Deep in the hills near the remote village of Genga, in Italy’s Marche region, is the Grotte di Frasassi, a wonderland of calcareous stratifications dating as far back as 150 million years ago. This subterranean world first opened to the public in 1974, three years after mountaineer Maurizio Bolognini discovered it by accident. Inside the cave cavities, which extend nearly 30 kilometres, are stalagmites (columns that grow from bottom to top) and stalactites (ones that descend from the ceiling of the cavities), crystallized pods, tunnels, rocks, and minerals.
In 1971, Bolognini was 21 years old, and the spirit of adventure had him out climbing often. On one occasion, while at the top of Monte Frasassi, he noticed an unusual hole on the slope opposite to what is now the entrance to the cave. It was unusual in the sense that when Bolognini sat down to rest for a moment near the hole, he experienced a cold sensation on his back. He inched into the hole and was faced with pitch darkness. On a few more visits, he and fellow mountaineers were able to dig a tunnel large enough to pass through, and then using a homemade rope ladder, they descended into the karst abyss, and the rest is history.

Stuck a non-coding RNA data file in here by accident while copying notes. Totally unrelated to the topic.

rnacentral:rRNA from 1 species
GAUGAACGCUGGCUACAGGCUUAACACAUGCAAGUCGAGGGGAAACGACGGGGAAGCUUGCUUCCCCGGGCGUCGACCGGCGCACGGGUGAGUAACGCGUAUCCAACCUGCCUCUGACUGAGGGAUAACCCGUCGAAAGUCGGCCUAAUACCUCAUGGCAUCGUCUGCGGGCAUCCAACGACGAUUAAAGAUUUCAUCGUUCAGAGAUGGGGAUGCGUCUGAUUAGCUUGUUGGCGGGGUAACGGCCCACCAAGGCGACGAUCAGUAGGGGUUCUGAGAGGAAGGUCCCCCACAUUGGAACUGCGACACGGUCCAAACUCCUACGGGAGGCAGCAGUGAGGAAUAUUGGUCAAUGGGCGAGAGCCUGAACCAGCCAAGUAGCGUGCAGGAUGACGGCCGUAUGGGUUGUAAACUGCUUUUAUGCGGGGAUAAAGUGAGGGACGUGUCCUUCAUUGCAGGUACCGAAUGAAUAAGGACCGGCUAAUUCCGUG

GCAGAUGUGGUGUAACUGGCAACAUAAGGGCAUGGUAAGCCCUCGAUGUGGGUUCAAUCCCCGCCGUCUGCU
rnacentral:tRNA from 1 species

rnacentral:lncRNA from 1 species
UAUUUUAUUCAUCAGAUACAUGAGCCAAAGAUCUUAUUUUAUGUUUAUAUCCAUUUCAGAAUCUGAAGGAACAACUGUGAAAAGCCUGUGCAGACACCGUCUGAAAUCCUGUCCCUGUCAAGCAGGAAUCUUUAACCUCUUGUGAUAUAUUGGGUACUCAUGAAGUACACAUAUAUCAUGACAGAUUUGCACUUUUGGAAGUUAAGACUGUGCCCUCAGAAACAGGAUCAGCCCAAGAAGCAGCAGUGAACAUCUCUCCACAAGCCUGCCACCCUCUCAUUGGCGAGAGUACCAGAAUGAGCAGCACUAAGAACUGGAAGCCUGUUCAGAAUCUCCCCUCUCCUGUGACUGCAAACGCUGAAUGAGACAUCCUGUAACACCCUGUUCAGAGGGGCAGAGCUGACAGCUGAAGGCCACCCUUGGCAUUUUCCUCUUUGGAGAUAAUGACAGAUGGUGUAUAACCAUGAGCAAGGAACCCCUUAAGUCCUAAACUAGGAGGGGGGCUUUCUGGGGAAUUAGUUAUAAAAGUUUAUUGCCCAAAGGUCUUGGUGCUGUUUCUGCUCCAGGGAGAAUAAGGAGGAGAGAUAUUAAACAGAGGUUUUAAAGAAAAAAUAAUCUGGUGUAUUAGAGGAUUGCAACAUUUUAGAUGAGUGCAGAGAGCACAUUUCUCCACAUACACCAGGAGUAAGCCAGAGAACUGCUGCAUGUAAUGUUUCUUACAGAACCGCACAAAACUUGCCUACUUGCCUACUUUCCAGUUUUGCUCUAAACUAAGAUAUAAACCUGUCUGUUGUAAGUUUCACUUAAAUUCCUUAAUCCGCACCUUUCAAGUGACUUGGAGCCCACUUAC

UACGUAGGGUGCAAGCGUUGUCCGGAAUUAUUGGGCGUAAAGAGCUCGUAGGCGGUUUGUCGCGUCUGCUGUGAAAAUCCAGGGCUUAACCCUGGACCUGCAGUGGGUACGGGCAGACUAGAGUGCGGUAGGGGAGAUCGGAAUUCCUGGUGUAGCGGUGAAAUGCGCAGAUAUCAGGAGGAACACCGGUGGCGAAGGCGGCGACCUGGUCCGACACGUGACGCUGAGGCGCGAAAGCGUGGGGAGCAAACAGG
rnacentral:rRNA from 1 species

Grotte di Frasassi is a complex cave system. First, you enter Abyss Ancona, said to be one of the largest caves in all of Europe. It’s like walking through an upside-down fantasy world: The cavernous chamber is full of stalagmites that rise up like melted candles and stalactites hanging from the ceiling that resemble a pipe organ. So vast is this cave that it could easily house the Duomo of Milan. This is the place where Bolognini first descended by rope ladder, laying eyes on the Giants, as they are called—two ancient stalagmites that are 65 feet tall.
The shapes and sizes of the natural wonders of the Grotte di Frasassi have captured the imagination of the many speleologists who have visited the caves. As you progress through them, your guide will point out Niagara Falls, an enormous mass of calcite; the Camel, the Madonnina, the Sword of Damocles—the largest stalactite, at 25 feet—and plenty of other rock formations that will remind you of organ pipes, Santa Claus, and even a polar bear. The most beautiful? Definitely the Hall of Candles—pure magic. The guided tour is a one-and-a-half-hour walk along spacious pathways, with theatrical lighting to enhance the experience. For those looking for adventure, there’s a visit to an additional two caves that will have you suited up in headgear, headlamp, and more, trekking in darkness as Bolognini would have done.
Never miss a story. Sign up for NUVO’s weekly newsletter, here.